Some have thought a more attractive option is the so-called “one-state solution”. Putting aside the extremist zionist version of this solution that essentially just amounts to the total eradication of the Palestinians in historic Palestine, the one-state solution as preferred by some Palestinians and leftists calls for the end of Israel as a distinct Jewish state in favor of a binational sovereign political entity in which Jews and Palestinians have equal rights and access to democratic participation. The advantage of this approach over the two-state solution is it sees the abolition of Israel as a settler colonial project while in theory preserving the rights of Jewish people living in the region. The problem that most one-state proponents seem not to appreciate is the irreconcilable contradiction at the heart of its approach.

Modern states are nation-states, including Israel and any future, or hypothesized Palestinian state. Nationalism is an exclusivist ideology. One and one group only is defined as made up of citizens of the nation to be politically represented and guaranteed rights. Anyone else who wishes to receive this representation, or rights must complete the process of becoming a citizen, or else they are denied rights and representation. This has historically allowed for all kinds of discrimination, including outright racism against those who are non-citizens. This exclusionary element of nationalism is indeed what allows Israel to cast itself as a state for the Jews and nobody else, indeed how included non-European Jews should be is questionable within its self-conception. This means that the one-state solution requires a “bi-national” state, despite the fact that nationalism is inherently exclusionary, defining some as outside the bounds of representation through and rights under the rule of the state. Even the Soviet Union’s claim to “multinational” statehood was a farce, not least because it was controlled from the Kremlin.

Here we should come to the question of why we should even think in statist terms at all. Palestinians have historically wanted a state, but not for its own sake. They wanted a state because they believed it to be the only way they could finally achieve self-determination. Indeed there is a historical tradition of national liberation movements aiming to and successfully replacing colonies with independent nation-states. While these movements did end formal colonialism throughout much of the world, it’s hard to say that those living under the “new nations” have “self-determination”. Just look at African politics. It’s hardly self-determination to live impoverished under clientelist regimes that frequently cannibalize themselves in coups.

There is just no escaping the absolute inadequacy of statism and nationalism for resolving questions of social justice. Here the Anarchist tradition has an old proposal that looks much more promising. The Anarchists thought that nation-states should be replaced by federations of regional assemblies. These are not bureaucratic, hierarchical, coercive bodies, but freely associated regional assemblies that network together through elected delegates that, rather than making decisions on the assemblies’ behalf, carry out the decisions the assemblies make themselves. Such an institutional structure would entail voluntary relations between the people that form them and would thus have no need of any type of exclusivist ideology. It would also entail that all involved in these institutions get a full and equal say over all decisions of social organization.

If Anarchist federalism is combined with the right of return for Palestinian refugees to their ancestral homes and settlement rollbacks, we have a structure that accommodates both Palestinian self-determination in their ancestral homeland as well as the continued presence of Jewish residence in the region. So we get the democratic equality of the one-state solution and the recognition of the needs of both groups in the two-state solution, without the contradictory nationalism, concession to colonialism, and reliance on bankrupt statist approaches that weigh them down. This approach also gives us the dissolution of Hamas, who in addition to targeting civilians is an Islamist group that before the war maintained authoritarian control over the strip, and the unelected, largely conciliatory, autocratic rule of the Palestinian Authority in the Westbank, for free.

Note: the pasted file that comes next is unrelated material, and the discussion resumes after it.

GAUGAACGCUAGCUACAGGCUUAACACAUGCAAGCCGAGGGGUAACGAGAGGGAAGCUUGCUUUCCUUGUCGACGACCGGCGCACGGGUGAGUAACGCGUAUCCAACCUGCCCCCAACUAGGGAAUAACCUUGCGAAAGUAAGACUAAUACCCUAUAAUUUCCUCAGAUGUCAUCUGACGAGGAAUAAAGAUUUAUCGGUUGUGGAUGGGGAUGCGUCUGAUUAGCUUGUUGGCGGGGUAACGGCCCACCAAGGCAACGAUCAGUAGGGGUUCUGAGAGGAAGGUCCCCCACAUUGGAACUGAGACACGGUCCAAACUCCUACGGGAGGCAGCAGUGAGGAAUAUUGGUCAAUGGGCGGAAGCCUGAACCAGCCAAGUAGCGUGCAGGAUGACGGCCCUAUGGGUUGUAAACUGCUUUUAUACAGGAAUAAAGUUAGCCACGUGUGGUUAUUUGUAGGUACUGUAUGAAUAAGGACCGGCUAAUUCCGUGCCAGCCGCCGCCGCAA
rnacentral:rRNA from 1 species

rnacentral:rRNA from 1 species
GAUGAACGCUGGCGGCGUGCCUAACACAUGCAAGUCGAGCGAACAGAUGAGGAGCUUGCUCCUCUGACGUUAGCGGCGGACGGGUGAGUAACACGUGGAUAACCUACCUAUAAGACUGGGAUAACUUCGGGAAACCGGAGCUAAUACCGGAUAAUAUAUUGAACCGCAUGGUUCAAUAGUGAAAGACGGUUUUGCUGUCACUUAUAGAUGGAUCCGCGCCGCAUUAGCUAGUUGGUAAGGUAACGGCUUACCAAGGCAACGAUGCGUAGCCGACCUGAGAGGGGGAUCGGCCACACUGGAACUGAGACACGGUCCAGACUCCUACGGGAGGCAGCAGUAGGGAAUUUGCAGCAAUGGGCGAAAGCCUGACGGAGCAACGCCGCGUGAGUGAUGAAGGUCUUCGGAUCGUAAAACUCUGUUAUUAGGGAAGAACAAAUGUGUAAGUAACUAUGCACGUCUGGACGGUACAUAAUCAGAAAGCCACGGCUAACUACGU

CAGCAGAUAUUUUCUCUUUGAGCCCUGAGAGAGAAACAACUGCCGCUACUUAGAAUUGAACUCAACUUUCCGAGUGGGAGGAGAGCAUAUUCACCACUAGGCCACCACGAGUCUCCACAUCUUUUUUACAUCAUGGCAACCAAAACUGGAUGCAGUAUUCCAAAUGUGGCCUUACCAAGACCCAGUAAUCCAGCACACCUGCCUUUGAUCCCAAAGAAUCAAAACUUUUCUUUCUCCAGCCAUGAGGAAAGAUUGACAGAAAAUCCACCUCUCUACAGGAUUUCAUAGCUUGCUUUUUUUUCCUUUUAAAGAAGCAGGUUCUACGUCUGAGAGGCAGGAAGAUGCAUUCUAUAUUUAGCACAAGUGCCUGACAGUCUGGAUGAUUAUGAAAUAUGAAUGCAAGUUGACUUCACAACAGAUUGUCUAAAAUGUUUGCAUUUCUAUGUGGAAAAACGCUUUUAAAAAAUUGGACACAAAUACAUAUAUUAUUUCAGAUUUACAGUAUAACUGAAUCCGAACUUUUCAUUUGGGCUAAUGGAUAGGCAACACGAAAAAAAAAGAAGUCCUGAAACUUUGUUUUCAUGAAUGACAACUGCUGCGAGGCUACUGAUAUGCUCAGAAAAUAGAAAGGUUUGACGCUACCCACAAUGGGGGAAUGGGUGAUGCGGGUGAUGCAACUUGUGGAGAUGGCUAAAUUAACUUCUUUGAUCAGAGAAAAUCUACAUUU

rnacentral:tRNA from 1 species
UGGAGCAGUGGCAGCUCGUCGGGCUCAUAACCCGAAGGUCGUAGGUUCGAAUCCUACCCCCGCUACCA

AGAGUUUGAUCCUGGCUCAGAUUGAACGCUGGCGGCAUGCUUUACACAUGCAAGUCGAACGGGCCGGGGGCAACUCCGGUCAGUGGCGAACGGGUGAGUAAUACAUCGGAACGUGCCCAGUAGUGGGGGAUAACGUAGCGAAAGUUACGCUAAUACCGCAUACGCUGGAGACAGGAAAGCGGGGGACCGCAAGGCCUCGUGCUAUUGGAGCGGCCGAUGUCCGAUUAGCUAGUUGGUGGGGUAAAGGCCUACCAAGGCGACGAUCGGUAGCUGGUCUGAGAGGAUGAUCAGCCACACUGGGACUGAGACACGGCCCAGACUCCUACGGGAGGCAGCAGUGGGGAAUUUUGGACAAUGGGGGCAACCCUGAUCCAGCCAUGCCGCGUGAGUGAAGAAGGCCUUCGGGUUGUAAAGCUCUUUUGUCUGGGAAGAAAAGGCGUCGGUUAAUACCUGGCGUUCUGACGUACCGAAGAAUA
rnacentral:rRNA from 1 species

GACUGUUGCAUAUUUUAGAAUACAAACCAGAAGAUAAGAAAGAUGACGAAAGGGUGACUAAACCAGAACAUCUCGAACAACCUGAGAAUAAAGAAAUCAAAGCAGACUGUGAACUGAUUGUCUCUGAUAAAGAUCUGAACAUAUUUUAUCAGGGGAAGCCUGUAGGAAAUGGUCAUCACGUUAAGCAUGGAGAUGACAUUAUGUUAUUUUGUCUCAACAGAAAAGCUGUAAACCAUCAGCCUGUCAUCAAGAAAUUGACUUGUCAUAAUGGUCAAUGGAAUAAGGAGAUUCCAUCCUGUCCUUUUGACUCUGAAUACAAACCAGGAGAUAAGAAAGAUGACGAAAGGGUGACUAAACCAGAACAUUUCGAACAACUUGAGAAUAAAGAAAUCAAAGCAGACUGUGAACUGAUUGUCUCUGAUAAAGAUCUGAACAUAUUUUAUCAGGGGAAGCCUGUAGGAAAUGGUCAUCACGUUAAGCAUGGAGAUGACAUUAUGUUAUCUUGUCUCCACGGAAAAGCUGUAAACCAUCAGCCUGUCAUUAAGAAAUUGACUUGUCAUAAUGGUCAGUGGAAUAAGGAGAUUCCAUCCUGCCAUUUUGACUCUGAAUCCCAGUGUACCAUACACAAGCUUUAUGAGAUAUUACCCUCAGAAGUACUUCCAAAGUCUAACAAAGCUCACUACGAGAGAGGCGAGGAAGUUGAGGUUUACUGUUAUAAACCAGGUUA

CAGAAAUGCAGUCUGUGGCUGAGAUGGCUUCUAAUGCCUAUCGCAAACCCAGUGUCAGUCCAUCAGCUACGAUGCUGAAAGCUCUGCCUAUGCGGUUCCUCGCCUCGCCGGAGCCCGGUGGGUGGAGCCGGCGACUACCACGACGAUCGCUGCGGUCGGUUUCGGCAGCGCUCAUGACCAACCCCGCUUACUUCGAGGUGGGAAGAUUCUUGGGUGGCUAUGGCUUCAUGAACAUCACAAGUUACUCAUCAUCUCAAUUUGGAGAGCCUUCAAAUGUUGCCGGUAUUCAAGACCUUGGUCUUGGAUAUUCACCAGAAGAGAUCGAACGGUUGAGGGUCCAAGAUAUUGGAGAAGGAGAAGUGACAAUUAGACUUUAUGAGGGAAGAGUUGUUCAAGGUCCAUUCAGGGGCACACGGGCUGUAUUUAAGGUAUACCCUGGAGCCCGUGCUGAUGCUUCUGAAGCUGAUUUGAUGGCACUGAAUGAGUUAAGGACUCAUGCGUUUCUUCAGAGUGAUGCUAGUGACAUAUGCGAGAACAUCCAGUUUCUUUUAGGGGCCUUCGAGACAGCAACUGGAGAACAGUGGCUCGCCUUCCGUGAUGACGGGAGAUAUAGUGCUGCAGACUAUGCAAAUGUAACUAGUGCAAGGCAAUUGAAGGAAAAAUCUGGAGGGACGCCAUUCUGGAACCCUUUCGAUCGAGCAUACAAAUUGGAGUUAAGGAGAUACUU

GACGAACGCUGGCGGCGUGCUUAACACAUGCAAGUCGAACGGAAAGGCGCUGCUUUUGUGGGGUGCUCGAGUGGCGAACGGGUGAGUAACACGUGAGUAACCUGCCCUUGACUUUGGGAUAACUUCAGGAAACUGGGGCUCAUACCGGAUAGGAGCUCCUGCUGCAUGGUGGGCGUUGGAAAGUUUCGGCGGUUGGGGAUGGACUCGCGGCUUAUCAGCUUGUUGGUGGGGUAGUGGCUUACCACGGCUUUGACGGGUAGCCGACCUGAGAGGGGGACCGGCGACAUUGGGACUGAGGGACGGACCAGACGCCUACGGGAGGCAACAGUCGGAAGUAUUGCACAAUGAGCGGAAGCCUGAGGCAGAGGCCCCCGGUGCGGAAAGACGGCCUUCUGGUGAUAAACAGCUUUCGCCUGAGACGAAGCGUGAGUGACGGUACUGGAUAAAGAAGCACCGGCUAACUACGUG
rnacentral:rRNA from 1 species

However, this approach, like any solution to the ‘conflict’, has its own unique challenges. Since this is an anti-state solution nobody with any political power, obviously not the Israeli government, not Fatah, not Hamas, not the UN, or US will have any interest or involvement in implementing it (thus also bypassing issues of the political will of largely indifferent, or ineffectual political elites). It is also not a purely political solution unlike the others. This kind of anti-state federalism entails social control over the region’s production so that the self-organized regional bodies can make decisions about the region’s productive activity. Thus it can only be brought about via social revolution, not only in historic Palestine, but across the world. Thus it will take much struggle in the intermediate term to achieve. It will probably entail a third palestinian uprising as nobody that claims to “represent” the Palestinians and thus make decisions on their behalf can be substituted in the Anarchist framework for the Palestinians themselves.

Such an uprising likely won’t be in the immediate future as Gazans are being murdered by the thousands in Israel’s colonial war on the strip. Key to Palestinians even having the ability to fight back will be the efforts of an international movement outside historic Palestine for boycott, divestment, and sanctions on Israel. There will be no prospect of resistance if Israel’s already terrifying military capability is further developed by international support. The Anarchist movement in the United States in particular, is tasked with sabotaging the United States’ recalcitrant material and political support for Israel. This international pressure against support of Israel by foreign governments is something we should all already be working to mount. We need more pro-Palestinian protests to make it as politically expensive as possible for our governments to continue to support Israel and not pressure it for a ceasefire to end it’s colonial war on the strip. The lives of Palestinian men, women, and children are at stake. ■

Piper Tompkins

Originally posted via the Anarchist Union Journal here.